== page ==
After 3 Failures, Pentagon Now Says It Won't Be Able to Produce a 'Clean' Audit Until 2027

The Pentagon
This March 27, 2008, file photo shows the Pentagon in Washington. (AP Photo/Charles Dharapak)

For the third year in a row, the Defense Department failed to come up with a "clean" audit of its agencies and $2.9 trillion in assets. And it probably won't be able to produce one until 2027, Pentagon officials said Monday.

A clean report is issued when an auditor finds no misrepresentation in financial records and that those records have been maintained according to established standards.

The COVID-19 pandemic limited auditors' ability to check the fiscal 2020 books, but the effort still managed to identify about $700 million in savings, the officials added.

Read Next: Maverick's Favorite Fighter Jet Is Getting Its Own Monument

This year's effort by outside public accounting firms hired to audit the DoD cost $203 million, said Thomas Harker, who is performing the duties of under secretary of defense (comptroller).

He called for patience, saying the task is just too difficult in size and scope to expect success before 2027. In addition, the auditors could visit only 100 locations to do their work because of the pandemic, compared to 600 last year.

"This is something that's never been done for an entity of the size and complexity of the Department of Defense," Harker said at a Pentagon briefing Monday. "We've been clear that this is a journey that will require a sustained effort over several years.

"When we look at the return on investment for the process improvements that we're making, around accountability for property accountability, for inventory, that type of thing, we've identified more than $700 million in savings based on these process improvements," he added, pointing to progress in matching what's on the books with what's actually in the inventory.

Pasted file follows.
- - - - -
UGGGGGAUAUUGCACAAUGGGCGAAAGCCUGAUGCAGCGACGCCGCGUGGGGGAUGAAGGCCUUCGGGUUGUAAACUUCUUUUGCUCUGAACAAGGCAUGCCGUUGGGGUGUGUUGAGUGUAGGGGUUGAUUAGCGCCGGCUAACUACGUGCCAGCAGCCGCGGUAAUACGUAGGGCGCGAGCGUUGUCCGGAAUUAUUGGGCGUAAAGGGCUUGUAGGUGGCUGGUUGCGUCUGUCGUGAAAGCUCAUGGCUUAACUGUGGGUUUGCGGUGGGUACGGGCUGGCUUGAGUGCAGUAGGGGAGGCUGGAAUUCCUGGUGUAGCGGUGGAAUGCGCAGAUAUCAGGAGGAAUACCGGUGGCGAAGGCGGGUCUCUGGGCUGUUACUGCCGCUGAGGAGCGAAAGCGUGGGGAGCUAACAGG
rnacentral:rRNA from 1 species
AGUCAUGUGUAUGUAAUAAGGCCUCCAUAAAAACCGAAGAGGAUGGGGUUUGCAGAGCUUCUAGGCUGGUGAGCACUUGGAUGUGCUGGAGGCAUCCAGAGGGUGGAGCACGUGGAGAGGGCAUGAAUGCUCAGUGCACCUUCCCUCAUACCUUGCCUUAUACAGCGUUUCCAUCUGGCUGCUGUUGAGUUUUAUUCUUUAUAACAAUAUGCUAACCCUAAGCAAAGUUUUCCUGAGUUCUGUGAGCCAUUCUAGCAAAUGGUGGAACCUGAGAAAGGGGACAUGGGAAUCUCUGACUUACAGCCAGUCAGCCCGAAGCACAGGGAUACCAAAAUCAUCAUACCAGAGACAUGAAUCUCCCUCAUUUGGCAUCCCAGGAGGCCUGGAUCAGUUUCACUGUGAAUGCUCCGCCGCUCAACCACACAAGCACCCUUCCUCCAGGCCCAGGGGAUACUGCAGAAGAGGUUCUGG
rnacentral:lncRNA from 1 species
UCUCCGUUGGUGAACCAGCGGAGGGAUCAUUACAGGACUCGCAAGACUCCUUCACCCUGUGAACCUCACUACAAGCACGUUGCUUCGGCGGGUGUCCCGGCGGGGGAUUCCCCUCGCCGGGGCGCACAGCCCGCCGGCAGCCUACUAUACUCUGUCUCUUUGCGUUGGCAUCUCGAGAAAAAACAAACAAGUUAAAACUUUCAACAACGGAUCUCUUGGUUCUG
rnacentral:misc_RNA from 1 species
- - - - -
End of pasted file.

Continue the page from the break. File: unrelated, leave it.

All of the service branches again fell short of conducting a clean audit, but the Marine Corps "made a ton of progress" while also dealing with the restrictions imposed by COVID-19, Harker said.

One bright spot in the audit of 24 DoD agencies is the clean audit that is expected to be completed in December for the Defense Information Systems Agency's working capital fund, he said. DISA failed to do a clean audit last year.

"I think anytime you have a new agency get a clean opinion, that's a huge accomplishment. Last year, we did not have any agencies get new clean opinions. This year, we did," Harker said.

Separately, the DoD office of Inspector General, which plans to issue its overall assessment of the DoD audit in January, said, "While progress has been made, the road to an unmodified [clean] DoD financial statement opinion is a long-term effort."

In a statement, Sean O'Donnell, the Acting DoD Inspector General, said, "Despite challenges presented by the COVID-19 pandemic, the Department of Defense demonstrated improvement in its financial management processes in fiscal 2020. However, the Department still has significant challenges to overcome before achieving a clean opinion."

-- Richard Sisk can be reached at

Related: Navy Audit Uncovered $126M in Aircraft Parts 'We Didn't Even Know Existed'

Story Continues